Judicial Reform

Ray Carter | March 19, 2024

‘It’s not the most transparent process’: McCall notes problems with JNC

Ray Carter

Members of the Oklahoma Senate have approved legislation that would allow voters to reform Oklahoma’s judicial-selection process.

The proposed state constitutional amendment would eliminate the secretive Judicial Nominating Commission (JNC) and instead adopt the model established in the U.S. Constitution that allows the executive to nominate any qualified person to serve as judge, subject to legislative approval.

House Speaker Charles McCall, R-Atoka, indicated that the proposal will get a hearing in the Oklahoma House of Representatives, and pointedly noted several problems with the JNC.

“It’s not the most transparent process,” McCall said of the JNC.

Under the current judicial-selection process mandated in Oklahoma, a governor cannot select his own judicial nominees based on merit. Instead, a 15-member Judicial Nominating Commission controls judicial appointments.

The JNC selects up to three nominees for court positions, including the Oklahoma Supreme Court, in secret. The governor is required to select one of those three candidates and cannot consider any other qualified individuals.

The JNC does not hold public meetings. The group does not interview candidates in public. And the commission does not reveal how members vote on judicial nominees.

While serving as a legal fellow at the 1889 Institute, Benjamin Lepak researched Oklahoma’s JNC process and compared it to other states in 2019. He found Oklahoma’s JNC is one of the least transparent state judicial nominating groups in the nation, writing that “some things are so fundamental to good governance that they should be present no matter the selection method used. I am talking about things like transparency, written rules, and public accountability.”

“Maybe the JNC follows a rigorous, apolitical (whatever that means) process that is designed to ferret out the highest quality judges,” Lepak wrote. “Or maybe it plays rock, paper, scissors for a couple of hours and sends the winners to the Governor. As long as the process is closed, the public has no clue.”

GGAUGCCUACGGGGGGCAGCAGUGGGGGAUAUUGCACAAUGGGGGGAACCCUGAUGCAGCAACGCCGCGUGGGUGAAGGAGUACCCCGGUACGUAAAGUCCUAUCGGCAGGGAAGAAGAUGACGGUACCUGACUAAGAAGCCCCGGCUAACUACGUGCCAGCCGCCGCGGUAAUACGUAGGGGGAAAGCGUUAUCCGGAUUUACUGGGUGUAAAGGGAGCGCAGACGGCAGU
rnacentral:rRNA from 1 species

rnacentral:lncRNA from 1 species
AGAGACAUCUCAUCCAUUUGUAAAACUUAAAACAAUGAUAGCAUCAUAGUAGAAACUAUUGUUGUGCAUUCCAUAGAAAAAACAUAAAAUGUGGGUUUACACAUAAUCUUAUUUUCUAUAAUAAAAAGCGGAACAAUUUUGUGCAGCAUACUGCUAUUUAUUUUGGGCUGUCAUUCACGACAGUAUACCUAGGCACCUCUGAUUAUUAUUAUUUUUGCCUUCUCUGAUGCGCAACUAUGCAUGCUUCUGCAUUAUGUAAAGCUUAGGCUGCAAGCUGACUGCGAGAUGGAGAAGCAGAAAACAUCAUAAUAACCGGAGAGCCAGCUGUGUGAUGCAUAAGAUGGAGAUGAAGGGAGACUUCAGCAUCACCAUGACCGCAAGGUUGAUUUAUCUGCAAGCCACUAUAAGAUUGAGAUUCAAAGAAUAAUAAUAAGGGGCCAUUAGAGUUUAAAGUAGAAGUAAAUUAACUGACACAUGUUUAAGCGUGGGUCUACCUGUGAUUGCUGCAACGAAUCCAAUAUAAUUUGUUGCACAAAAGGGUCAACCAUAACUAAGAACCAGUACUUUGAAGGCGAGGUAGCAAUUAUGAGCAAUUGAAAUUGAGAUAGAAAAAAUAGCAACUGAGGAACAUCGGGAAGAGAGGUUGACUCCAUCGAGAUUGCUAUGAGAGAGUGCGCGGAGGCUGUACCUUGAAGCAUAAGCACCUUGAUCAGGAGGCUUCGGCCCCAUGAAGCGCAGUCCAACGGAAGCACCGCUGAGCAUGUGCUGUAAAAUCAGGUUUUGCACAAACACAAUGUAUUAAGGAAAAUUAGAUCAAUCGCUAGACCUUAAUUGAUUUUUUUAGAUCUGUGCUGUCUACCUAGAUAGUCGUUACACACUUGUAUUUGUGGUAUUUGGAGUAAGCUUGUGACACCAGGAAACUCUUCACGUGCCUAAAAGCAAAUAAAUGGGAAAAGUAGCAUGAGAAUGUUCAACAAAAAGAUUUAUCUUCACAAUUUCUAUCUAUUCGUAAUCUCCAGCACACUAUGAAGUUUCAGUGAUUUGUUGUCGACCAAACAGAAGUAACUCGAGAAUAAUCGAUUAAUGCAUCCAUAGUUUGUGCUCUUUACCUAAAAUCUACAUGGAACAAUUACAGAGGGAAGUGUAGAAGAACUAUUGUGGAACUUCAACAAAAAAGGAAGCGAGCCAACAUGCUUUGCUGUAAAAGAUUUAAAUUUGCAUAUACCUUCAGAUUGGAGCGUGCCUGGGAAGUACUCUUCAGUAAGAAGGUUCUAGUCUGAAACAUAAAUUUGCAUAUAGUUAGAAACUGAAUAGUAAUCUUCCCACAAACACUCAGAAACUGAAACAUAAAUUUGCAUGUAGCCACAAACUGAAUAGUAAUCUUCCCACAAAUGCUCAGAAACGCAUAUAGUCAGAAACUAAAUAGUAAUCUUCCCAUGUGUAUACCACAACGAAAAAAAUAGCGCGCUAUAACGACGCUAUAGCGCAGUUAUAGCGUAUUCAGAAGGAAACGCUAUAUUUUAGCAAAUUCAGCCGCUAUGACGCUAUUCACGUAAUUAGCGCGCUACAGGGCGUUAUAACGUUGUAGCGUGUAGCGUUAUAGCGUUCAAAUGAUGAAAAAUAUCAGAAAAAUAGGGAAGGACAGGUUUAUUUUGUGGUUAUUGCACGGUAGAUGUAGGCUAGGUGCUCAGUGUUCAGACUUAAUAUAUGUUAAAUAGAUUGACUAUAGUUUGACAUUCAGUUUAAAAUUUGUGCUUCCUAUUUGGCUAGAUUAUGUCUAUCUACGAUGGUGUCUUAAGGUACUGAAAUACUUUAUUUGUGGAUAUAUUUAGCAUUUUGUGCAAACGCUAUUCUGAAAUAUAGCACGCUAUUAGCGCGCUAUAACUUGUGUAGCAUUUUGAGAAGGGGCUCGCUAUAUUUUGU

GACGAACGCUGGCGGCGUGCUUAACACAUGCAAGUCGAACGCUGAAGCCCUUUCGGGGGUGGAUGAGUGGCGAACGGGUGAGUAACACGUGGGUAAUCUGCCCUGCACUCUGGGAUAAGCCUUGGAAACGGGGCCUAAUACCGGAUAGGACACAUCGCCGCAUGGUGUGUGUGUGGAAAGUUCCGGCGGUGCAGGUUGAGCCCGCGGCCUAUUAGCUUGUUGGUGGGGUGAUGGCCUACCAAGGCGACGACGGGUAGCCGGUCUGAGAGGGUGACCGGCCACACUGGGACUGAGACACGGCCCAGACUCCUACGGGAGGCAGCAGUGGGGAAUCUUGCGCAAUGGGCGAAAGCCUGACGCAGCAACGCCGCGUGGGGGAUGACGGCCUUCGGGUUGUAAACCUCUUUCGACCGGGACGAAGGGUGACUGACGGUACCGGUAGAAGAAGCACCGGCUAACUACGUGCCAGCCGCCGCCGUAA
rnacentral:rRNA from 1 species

Senate Joint Resolution 34, by state Sen. Julie Daniels, R-Bartlesville, would allow Oklahoma voters to eliminate the Judicial Nominating Commission (JNC) and replace it with the U.S. Constitution’s model for judicial selection.

While SJR 34 currently allows the governor to nominate any qualified individual for judge with Senate confirmation required, McCall indicated the measure would be amended to require confirmation from both chambers of the Oklahoma Legislature.

He noted the House currently names a member to the JNC and said a role for the House should be preserved in any new process.

McCall also predicted that legislative confirmation will dramatically increase public awareness and information on judicial nominees.

“A Legislature vetting a nominee by the governor will be much more transparent in terms of the process,” McCall said. “It would also lead to, probably, a higher level of scrutiny, but certainly the public would be in tune with who the nominee is and the issues that the confirmation process would vet out.”

In contrast, the designated membership of the JNC has given outsized control of judicial selection in Oklahoma to partisan Democrats.

Of the 15 members of the Oklahoma Judicial Nominating Commission, six are appointed by the Oklahoma Bar Association. No other attorneys are allowed to serve.